There is a common belief that medicine in all it variety would be better practised according to strict rules and guidelines.
Indisputably, highly technical aspects of medical and surgical care – equivalent to piloting a plane – can benefit from checklists and rules. But for the majority of medical care this does not apply.
For three years in the 90s I chaired the Health Advisory Committee of the NHMRC. Among our responsibilities was the oversight of the development of clinical practice guidelines, CPGs, for all manner of conditions. We also revised a document – ‘guideline for guidelines’ – setting out ways in which available data can be assembled to produce a CPG.
This task had the capacity to swamp our agenda with multiple rounds of consultation and expert advisory panels. I learned much about guidelines and the politics that surround them.
As Tamara Kredo and colleagues from the South African Cochrane Centre reminded us (Int.J.Qual.Health Care 2016 28(1):122-128) the US Institute of Medicine defined CPGs in 2011 as ‘statements that include recommendations intended to optimise patient care that are informed by a systematic review of evidence and an assessment of the benefits and harms of alternative care options.’
They go on to observe that ‘many hundreds [of] health departments, insurers and other health care organizations, professional associations, hospitals, specialty colleges and individuals have attempted to produce recommendations to improve and/or standardize local clinical practices, all using their own interpretations of the best way to construct and write CPGs.’
Cameron Venus and Euzebiusz Jamrozik from Melbourne University, showed recently that many guidelines in common use in Australia don’t have rock-solid evidential bases. https://doi.org/10.1111/imj.14466 In fact, of the guidelines they examined in relation to the diagnosis and treatment of the ten leading causes of death in Australia, less than 20% had top-level evidence supporting the recommendations.
The presence of quality evidence ranged from none in the CPGs for prostate cancer testing, through 5% for colorectal cancer, up to 60% for management of acute coronary syndrome and 40% for chronic obstructive pulmonary disease.
We should not be surprised by this finding. There is much more to CPGs, as there is for health policy in general, than research evidence.
One of the irreducible fundamentals of clinical practice is that the doctor must always cope with individual variation among his or her patients. The expression of a disease may vary, as may individual resilience and defence.
Yes, evidence is indispensable and the higher its quality the better. But there will always be a gap between the applicability of evidence derived from groups to the individual patient sitting in front of you.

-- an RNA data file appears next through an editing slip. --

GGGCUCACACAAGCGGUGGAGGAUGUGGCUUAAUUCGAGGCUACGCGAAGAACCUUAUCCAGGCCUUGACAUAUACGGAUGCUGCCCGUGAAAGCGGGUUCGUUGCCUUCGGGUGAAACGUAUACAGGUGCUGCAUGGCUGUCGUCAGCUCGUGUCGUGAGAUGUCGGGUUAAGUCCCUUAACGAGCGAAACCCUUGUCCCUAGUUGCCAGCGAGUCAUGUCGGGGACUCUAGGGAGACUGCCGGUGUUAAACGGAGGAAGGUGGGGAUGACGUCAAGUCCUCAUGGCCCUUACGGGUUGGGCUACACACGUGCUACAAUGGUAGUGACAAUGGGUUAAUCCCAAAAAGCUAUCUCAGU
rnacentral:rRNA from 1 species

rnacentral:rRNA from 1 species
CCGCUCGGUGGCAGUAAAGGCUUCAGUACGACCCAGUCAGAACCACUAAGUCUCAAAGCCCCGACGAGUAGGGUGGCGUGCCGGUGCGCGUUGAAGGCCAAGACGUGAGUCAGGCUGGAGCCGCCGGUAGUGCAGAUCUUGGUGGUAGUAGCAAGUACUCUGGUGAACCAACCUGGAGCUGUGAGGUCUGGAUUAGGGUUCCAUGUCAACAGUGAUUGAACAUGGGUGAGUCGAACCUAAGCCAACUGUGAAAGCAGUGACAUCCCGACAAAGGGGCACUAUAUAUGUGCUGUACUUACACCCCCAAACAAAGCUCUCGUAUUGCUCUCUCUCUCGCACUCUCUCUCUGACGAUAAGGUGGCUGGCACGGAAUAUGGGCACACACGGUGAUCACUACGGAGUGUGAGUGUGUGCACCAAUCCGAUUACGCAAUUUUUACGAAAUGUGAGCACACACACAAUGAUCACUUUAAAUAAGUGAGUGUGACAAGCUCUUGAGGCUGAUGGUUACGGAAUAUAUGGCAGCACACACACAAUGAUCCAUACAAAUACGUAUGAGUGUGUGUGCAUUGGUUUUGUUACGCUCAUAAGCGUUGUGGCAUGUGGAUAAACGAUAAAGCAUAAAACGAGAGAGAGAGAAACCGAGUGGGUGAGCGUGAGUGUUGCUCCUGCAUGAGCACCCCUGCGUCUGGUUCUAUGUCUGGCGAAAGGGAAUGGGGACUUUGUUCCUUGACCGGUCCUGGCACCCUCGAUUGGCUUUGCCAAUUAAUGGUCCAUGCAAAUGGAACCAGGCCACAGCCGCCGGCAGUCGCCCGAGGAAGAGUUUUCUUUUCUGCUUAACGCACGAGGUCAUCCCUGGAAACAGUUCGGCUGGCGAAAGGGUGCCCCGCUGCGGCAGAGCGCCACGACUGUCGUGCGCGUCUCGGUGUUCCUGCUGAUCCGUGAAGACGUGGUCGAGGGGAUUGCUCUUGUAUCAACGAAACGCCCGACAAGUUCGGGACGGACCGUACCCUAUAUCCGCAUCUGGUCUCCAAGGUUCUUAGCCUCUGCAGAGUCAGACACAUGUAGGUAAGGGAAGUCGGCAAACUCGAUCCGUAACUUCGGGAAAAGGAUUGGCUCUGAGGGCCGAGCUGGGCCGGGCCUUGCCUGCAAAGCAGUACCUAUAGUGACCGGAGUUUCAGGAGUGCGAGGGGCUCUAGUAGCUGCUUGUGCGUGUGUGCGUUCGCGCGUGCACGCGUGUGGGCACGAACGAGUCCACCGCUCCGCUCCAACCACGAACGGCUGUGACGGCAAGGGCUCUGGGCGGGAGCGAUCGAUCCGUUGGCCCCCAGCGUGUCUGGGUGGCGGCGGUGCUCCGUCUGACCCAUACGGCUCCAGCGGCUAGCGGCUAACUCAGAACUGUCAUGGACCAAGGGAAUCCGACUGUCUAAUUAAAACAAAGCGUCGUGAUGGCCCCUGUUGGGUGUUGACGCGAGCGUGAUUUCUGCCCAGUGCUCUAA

In the original definition of evidence-based medicine (EBM), David Sackett – the American-Canadian physician who was the master engineer of EBM – insisted that it included the “judicious use” of evidence in clinical practice, “integrating the best available research evidence with clinical expertise and the patient’s unique values and circumstances” BMJ 1996; 312 doi: https://doi.org/10.1136/bmj.312.7023.71 (Published 13 January 1996) Cite this as: BMJ 1996;312:71
No CPG can take full account of patient preferences or clinical or social realities that may be critically important in the management of the individual patient.
We have come a long way in the development of guidelines and there are were well over 300 fair quality CPGs in 2010 in Australia according to Heather Buchan and colleagues. Med J Aust 2010; 192 (9): 490-494. https://www.mja.com.au/journal/2010/192/9/australian-clinical-practice-guidelines-national-study, nine times as many as a decade previously.
But great care is needed to ensure that we don’t entirely lose clinical perspective amidst all the data, including that which descends on us from myriad scans and laboratory tests and clinical trials.
To see all patients as sitting on the mean in any statistical assessment is to miss the individual, in all their variation. As a statistician once said to me: “I’m not interested in the mean – the outliers are what fascinate me.”
In 2018, Kim Tingley, a science writer, wrote in The New York Times that as long ago as 1927 Francis Peabody, a professor at Harvard Medical School, stated that “the treatment of a disease may be entirely impersonal; the care of a patient must be completely personal”
Writing in the Journal of the American Medical Association, Peabody said: “The significance of the intimate personal relationship between physician and patient cannot be too strongly emphasised, for in an extraordinarily large number of cases both diagnosis and treatment are directly dependent on it.”
Unfortunately, guidelines fail to enshrine this wisdom.
And it’s up to us not to forget that the key element in that ‘personal relationship’ is the joyful recognition of the patient’s individuality.
Stephen Leeder is an emeritus professor of public health and community medicine at the University of Sydney. A version of this article appeared recently in Australian Doctor.